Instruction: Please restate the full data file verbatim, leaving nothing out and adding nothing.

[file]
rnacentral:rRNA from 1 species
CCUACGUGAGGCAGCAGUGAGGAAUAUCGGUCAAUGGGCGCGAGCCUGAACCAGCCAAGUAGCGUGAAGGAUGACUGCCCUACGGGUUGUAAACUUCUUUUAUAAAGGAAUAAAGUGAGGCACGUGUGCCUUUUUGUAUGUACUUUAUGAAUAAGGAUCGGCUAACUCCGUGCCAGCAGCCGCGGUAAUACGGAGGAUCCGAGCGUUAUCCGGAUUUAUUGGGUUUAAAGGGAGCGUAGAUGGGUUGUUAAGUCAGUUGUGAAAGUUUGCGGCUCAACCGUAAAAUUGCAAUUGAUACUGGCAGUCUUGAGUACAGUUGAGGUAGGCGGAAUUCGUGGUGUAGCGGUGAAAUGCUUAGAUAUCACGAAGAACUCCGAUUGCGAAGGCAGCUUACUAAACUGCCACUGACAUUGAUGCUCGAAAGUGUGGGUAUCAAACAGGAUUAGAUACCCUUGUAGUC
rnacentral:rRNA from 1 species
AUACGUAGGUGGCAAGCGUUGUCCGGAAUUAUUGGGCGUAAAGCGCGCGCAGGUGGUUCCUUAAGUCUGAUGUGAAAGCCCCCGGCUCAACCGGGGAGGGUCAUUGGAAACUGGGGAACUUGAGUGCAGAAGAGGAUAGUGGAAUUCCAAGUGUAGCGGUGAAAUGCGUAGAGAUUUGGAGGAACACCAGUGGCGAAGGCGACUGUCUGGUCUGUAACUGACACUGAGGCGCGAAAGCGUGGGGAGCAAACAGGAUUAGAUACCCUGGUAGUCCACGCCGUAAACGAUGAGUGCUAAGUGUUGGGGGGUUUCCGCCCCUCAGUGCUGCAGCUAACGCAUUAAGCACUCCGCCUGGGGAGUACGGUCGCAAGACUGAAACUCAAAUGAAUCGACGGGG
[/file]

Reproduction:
rnacentral:rRNA from 1 species
CCUACGUGAGGCAGCAGUGAGGAAUAUCGGUCAAUGGGCGCGAGCCUGAACCAGCCAAGUAGCGUGAAGGAUGACUGCCCUACGGGUUGUAAACUUCUUUUAUAAAGGAAUAAAGUGAGGCACGUGUGCCUUUUUGUAUGUACUUUAUGAAUAAGGAUCGGCUAACUCCGUGCCAGCAGCCGCGGUAAUACGGAGGAUCCGAGCGUUAUCCGGAUUUAUUGGGUUUAAAGGGAGCGUAGAUGGGUUGUUAAGUCAGUUGUGAAAGUUUGCGGCUCAACCGUAAAAUUGCAAUUGAUACUGGCAGUCUUGAGUACAGUUGAGGUAGGCGGAAUUCGUGGUGUAGCGGUGAAAUGCUUAGAUAUCACGAAGAACUCCGAUUGCGAAGGCAGCUUACUAAACUGCCACUGACAUUGAUGCUCGAAAGUGUGGGUAUCAAACAGGAUUAGAUACCCUUGUAGUC
rnacentral:rRNA from 1 species
AUACGUAGGUGGCAAGCGUUGUCCGGAAUUAUUGGGCGUAAAGCGCGCGCAGGUGGUUCCUUAAGUCUGAUGUGAAAGCCCCCGGCUCAACCGGGGAGGGUCAUUGGAAACUGGGGAACUUGAGUGCAGAAGAGGAUAGUGGAAUUCCAAGUGUAGCGGUGAAAUGCGUAGAGAUUUGGAGGAACACCAGUGGCGAAGGCGACUGUCUGGUCUGUAACUGACACUGAGGCGCGAAAGCGUGGGGAGCAAACAGGAUUAGAUACCCUGGUAGUCCACGCCGUAAACGAUGAGUGCUAAGUGUUGGGGGGUUUCCGCCCCUCAGUGCUGCAGCUAACGCAUUAAGCACUCCGCCUGGGGAGUACGGUCGCAAGACUGAAACUCAAAUGAAUCGACGGGG